Race and Language

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The concept of race is connected to language we use which itself creates social differences. Race is a social construct that is more about power relations than biological difference. Race is a red herring, a signifier that accumulates meaning by a chain of deferral to other categories of difference such as gender, class, education. 

The concept of race is profoundly constituted by language. Racial differences will only emerge once they are noted and described. This chapter offers strategies to deconstruct the presence of language that generates violently antagonistic stereotypes and hostile responses to individual or group difference. 

While individuals manifest various qualities and markers of identity, these differences will only emerge once they are noted. For example, whiteness is often deemed not remarkable or notable. It seems natural and ideologically transparent. In contrast, people of color are often singled out for better or for worse.

Did Race Exist Historically?

The first challenge we face in studying race is chronology. Many studies trace the changing meanings of the term. But even if later meanings for the term race were not available, for example, in the early modern period, racism did exist, if under different labels. Historically, race has been one of the markers of identity used to define relationships between groups of people. Therefore, we gain a deeper understanding of the notion of race in our times by analyzing historical texts. 

Even though evidence of early modern racial hatred comes under different terminologies, it is still hatred. Reading histories of race enables us to develop a broader perspective involving the identification of the various ways in which racism operated under different guises.

Language of Illness

The pandemic of Covid-19 reminded us how important it is to use inclusive language. Anti-Asian racism during the global pandemic associated metaphors of illness with certain groups of people. Since “the body [is seen as] a model for political community” in the metonymic frame of understanding race, detractors used words about illness to describe an entire people. There is actually a long history.

In 1895, after China’s defeat in the first Sino-Japanese War (1894–1895), both Kaiser Wilhelm II of Germany and the Chinese scholar Yan Fu used the phrase yellow peril and the metaphor of a “sick man” (die gelbe Gefahr and bingfu) to describe East Asian and particularly Chinese people. In 1898, the concept became the title of British novelist M.P. Shiel’s short story Yellow Danger.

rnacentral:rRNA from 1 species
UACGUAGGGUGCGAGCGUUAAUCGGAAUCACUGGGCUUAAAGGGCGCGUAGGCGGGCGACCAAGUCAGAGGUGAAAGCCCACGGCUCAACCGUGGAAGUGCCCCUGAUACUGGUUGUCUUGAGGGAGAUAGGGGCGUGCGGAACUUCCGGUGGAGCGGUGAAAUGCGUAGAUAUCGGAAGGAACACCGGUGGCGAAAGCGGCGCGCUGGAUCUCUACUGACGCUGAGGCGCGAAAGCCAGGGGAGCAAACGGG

Resistance of this metaphor of an ill race took center stage in an anonymous poem in Chinese that was very widely circulated over the Internet in the months leading up to the 2008 Beijing Olympics. Entitled “To the West,” the poem self-consciously comments on the contradiction behind the image of a threatening sick man: “When we were called the Sick Man of Asia, we were also called the yellow peril. Now when we are billed as the next superpower, we are called a threat.” The biopolitics and the colonial history of the metaphor continue to inform modern day encounters between Asian and Western epistemologies of race.

The Notion of Race Today

The terms race and racism, are now, in the twentieth and twenty-first centuries, bearers of particular denotations as a result of the more extensive analysis and research that has taken place during this period compared with preceding centuries. Some of the ways in which we now think about racism and the word “race” are all relatively newly developed.

Race as a concept is profoundly constituted by language, by narratives, and by attempts to codify what exactly the term includes and excludes. In medical science, race is a factor in the study of genetics, statistics, public health, and the calculation of the probability of vulnerability, as in the case of the susceptibility of a certain group to suffer from a particular disease. However, as Kim Hall argues, “the easy association of race with modern science ignores the fact that language itself creates social differences … and that race was then … a social construct that is fundamentally more about power and culture than about biological difference.”

 

Further Reading

Some of these resources may only be accessible with George Washington University credentials.

Henry Louis Gates Jr., “Chapter 4: Talking Black: Critical Signs of the Time.” Loose Canons: Notes on the Culture Wars, Oxford Univ. Press, 1993.